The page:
Sonar with David Torn — Vortex
(RareNoise RNR087, 2018, CD)
by Peter Thelen, Published 2018-03-30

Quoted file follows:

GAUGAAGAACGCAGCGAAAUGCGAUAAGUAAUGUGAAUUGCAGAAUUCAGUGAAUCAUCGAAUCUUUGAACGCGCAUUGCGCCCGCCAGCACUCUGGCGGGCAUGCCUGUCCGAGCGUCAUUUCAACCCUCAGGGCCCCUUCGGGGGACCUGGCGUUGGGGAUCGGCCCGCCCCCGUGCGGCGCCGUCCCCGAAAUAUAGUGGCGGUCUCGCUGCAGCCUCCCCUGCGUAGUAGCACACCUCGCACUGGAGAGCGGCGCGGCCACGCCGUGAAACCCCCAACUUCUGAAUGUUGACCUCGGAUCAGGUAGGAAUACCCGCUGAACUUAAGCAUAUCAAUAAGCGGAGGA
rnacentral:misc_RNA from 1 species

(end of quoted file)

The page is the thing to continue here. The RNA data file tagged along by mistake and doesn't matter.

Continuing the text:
A musical world filled with complex mathematical rhythms, odd angles and planes, sharp corners and geometric surfaces, these Swiss practitioners have created their own place in multi-dimensional space. The band functions essentially as a four-piece complex rhythm section of two guitars, bass, and drums, with the somewhat unique distinction of having all their strings tuned to C or F# in pursuit of a minimalist ideal. The members feed a shared polyrhythmic style that features few chords and no solos, shifting effortlessly from gentle harmonics and washes into deft interrupt-driven hard-edged telepathic complexity. They have groomed their sound over three full length studio albums now, and the essence of this new album is the same as their previous efforts, with one very important change. In my 2014 review of the band’s Cuneiform debut Static Motion (which is a perfect title for what Sonar does) I wrote: “I occasionally wonder what an additional lead instrument, like a sax or violin, could contribute to their sound. The skeletal minimalism which is one of the beauties of Sonar’s craft would of course be lost, but the occasional interception of a melodic lead instrument might add something worthwhile to the mix of ideas.” That’s precisely what Sonar has done on Vortex. The melodic lead instrument in this case is not a sax or violin, but the visionary and heavily effected guitar work of one David Torn (also the album’s producer), who creates seemingly on-the-fly improvisation and loops that soar above, through, and within the rhythms created by guitarists Bernhard Wagner and Stephan Thelen, bassist Christian Kuntner, and amazing drummer Manuel Pasquinelli, who holds it all together. Something like this is exactly what Sonar needed, to build upon their strengths and previous achievements, and keep their sound fresh and vital. The six long tracks here represent an important milestone in Sonar’s development, offering a powerful extension of their concept.
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